Mar 03, 2019 rated it liked it
I can only imagine the authors elation as he plucked out another big word from the dictionary, elation at the expense of the readership. It's a shame this grandiloquence sticks in my mind, as the reporting is fantastic.
Deepak Gulati
Sep 13, 2019 rated it really liked it
A thorough insight into the mechanics of corruption in India. Also explores the challenges that the current and the future governments would face over the next decade.
Aug 27, 2018 rated it really liked it  ·  review of another edition
It's a good reportage on post-liberalization India story of incredible growth and concomitant corruption (particularly big ticket corruption of last decade). Focus is on crony capitalism and inequality, and how it may affect growth and development in India if left unchecked. This is not a theoretical book but a series of journalistic stories highlighting different shades of corruption, how it works, and what are possible root causes. What would have enriched the book are some solutions and way ...more
Aug 20, 2018 rated it liked it
Pretty detailed if youre interested in the deep details of Indian economy and society. Probably boring to you otherwise. ...more
Aakash Mehta
Mar 23, 2019 rated it it was ok
While this book starts off well by examining the history of some of India's prominent billionaires, it then transforms into a political rant about how the BJP and Congress have affected India. I do appreciate some of the linkages made between the capitalist and political system, but this book focuses too much on the political side without any recommendations for addressing the issues or how other countries are dealing with any of these issue.

Read the specific chapters that are of interest to you
Rama Chaithanya Ganapa
The author tries to explain how India is more similar to America rather than UK in terms of economic development post liberalization in 1991. Goes to the extent of explaining all the new born billionaires holds such an influence they can literally dictate the law.

"If Russia is an oligarchy, how long can we resist calling India one?"

"Too many businesses were accumulating wealth because of their ability to manage the government rather than manage innovation,"

What is briefly explained well is, how
This reviewer is too close to the subject matter to provide a review applicable to most other readers. These are my impressions from my viewpoint.

For the most part, the book provides a lucid, well-written account of "stories" of India's rich and powerful. Like in most societies since time immemorial, India's elite has substantial control of the nation's affairs. The author argues that the disproportionality is far more than normal or beneficial, which is fair. The tales also suggest the unusual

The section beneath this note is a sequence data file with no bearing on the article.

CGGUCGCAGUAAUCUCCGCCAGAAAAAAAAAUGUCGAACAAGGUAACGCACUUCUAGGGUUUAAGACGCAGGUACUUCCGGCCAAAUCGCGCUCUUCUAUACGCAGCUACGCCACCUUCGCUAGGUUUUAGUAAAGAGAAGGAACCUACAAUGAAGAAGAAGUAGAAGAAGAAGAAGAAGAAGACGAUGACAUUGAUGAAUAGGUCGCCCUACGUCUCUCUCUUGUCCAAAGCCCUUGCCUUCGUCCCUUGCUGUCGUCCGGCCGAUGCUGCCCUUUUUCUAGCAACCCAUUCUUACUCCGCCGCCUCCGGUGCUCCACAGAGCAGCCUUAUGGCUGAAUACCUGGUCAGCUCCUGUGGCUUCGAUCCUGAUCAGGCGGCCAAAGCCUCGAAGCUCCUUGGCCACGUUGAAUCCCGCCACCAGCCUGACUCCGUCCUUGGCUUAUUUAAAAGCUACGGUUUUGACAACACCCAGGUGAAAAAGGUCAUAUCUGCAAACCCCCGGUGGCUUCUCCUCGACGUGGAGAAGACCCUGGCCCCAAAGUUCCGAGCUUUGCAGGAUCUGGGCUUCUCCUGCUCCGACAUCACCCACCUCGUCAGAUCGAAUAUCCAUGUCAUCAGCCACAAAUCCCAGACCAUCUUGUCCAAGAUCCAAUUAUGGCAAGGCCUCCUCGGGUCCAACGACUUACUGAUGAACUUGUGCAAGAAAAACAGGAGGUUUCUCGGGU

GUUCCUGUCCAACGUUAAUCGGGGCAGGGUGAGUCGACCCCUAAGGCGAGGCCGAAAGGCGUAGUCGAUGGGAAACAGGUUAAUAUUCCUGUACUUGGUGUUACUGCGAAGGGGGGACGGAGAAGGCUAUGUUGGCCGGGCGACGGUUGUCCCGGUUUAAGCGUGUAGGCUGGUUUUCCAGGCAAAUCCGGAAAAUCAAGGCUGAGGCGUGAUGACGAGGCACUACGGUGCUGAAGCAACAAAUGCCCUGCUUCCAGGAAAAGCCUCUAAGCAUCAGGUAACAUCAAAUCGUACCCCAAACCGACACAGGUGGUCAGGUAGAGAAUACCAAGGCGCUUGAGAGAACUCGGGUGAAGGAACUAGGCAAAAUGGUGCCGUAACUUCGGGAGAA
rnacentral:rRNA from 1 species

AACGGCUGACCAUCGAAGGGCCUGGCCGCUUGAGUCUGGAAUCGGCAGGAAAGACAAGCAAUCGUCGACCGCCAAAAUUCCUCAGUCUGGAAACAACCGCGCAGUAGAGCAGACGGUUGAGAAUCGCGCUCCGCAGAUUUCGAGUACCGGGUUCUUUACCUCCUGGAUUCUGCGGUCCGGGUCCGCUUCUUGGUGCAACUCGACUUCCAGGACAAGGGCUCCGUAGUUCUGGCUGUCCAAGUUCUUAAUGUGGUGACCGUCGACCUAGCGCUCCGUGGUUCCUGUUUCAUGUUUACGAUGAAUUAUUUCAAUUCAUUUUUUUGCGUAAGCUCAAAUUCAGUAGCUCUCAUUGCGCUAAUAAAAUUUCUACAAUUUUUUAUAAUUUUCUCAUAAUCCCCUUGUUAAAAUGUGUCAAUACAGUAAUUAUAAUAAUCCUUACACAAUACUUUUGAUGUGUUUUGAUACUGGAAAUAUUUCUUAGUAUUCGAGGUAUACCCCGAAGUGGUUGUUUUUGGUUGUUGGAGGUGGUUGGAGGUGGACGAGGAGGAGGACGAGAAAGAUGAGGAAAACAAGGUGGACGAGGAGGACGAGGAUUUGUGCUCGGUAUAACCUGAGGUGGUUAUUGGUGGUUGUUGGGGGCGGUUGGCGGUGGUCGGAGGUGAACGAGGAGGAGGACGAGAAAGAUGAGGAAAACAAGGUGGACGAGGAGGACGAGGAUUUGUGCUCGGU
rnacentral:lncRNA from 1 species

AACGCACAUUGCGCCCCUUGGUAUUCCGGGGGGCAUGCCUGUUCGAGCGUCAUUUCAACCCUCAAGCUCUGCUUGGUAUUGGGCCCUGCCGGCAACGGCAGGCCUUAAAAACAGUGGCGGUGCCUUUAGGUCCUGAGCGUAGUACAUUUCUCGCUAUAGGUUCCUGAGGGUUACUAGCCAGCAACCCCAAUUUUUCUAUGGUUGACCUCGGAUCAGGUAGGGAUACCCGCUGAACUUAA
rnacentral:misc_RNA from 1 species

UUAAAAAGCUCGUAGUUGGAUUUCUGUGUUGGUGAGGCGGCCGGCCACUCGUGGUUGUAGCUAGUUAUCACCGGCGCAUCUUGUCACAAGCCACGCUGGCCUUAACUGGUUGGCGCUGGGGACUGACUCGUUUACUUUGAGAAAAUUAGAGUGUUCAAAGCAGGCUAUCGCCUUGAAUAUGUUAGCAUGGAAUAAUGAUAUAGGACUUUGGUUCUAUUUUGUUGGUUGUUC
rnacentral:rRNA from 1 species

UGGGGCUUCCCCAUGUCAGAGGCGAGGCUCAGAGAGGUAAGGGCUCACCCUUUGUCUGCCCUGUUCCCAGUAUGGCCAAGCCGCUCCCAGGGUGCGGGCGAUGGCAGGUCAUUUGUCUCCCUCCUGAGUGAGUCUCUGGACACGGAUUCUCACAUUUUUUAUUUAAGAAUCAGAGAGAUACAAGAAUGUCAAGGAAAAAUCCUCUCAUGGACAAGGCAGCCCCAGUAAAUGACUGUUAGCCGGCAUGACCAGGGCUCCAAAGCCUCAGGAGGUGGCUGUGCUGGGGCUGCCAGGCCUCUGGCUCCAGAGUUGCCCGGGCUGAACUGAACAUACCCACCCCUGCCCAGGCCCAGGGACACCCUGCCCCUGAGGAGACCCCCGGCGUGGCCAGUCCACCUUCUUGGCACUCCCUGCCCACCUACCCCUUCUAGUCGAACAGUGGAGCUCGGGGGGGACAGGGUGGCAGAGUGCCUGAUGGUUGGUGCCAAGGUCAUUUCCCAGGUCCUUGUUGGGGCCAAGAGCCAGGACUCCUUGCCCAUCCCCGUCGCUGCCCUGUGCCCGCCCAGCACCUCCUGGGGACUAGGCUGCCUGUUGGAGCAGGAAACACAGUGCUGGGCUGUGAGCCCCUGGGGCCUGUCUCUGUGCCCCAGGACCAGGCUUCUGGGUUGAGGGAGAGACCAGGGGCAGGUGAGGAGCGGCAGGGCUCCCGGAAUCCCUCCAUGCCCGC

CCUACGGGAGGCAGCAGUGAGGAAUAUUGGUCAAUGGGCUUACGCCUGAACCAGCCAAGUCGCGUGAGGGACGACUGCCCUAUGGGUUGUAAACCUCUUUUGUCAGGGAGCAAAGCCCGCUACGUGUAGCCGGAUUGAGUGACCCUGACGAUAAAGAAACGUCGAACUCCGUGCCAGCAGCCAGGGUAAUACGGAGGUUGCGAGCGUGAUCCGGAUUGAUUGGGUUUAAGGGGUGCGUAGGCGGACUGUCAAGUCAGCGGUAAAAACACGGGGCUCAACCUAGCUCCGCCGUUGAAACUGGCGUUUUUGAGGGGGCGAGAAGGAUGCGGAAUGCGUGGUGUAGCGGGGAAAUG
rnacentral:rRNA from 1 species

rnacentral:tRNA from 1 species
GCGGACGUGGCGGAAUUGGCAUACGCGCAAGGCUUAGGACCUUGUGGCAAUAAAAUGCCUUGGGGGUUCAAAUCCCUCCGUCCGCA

Luciana Vichino
Interesting reading

Intense and agile starts very well but becomes a bit tiring towards the end when the chapters are all about politics with too many names and examples about the same stuff. A good portrait of India and an interesting reference to other emerging markets.
Skanda Shridhar
Aug 15, 2018 rated it really liked it
James Crabtree arrived in India in 2007, an interesting time for me personally, as I had left India for Canada in 2006. I remember the palpable optimism of the time (to whatever degree a 16-year-old can sense such things), most exemplified by Time's June 26, 2006 article "India Inc". As Crabtree notes, the Indian economy had been on a tear and it seemed like times were good.

What was less known to people like me is what happened next. That's where this book steps into the picture. Now the blank
Nallasivan V.
Feb 01, 2019 rated it liked it
Given the promising premise it had, the book was disappointing in some ways. The title, tagline and even the blurbs seemed to suggest a well-researched book that would reveal the inner workings of crony capitalism in India. But what we get is a part-memoir and part-secondary research narrative that would have been a long economist article.

As an economist article would do, this book makes sweeping generalizations that skims over a complex issue leaving out nuances. Even the secondary research
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Goodreads Librari...: Incorrect Attribution to Author 5 20 Nov 21, 2018 09:23AM  

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James Crabtree is an associate professor of practice at the Lee Kuan Yew School of Public Policy at the National University of Singapore. He was formerly the Mumbai bureau chief for the Financial Times.

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“Speaking in 1916, Mohandas Gandhi warned that India faced a pernicious new kind of commercialism. ‘Western nations are groaning today under the heel of the monster god materialism,’ he told students at a college in the heartland state of Uttar Pradesh. ‘Many of our countrymen say that we will gain American wealth, but avoid its methods. I venture to suggest that such an attempt, if it were made, is foredoomed to failure.’27 Gandhi’s views were rooted in his own era, chiming with the theories of anti-colonialism and non-violent protest that earned him the title ‘Mahatma’, or ‘great soul’ in Sanskrit. Almost a century later, his warnings seemed prescient.” 0 likes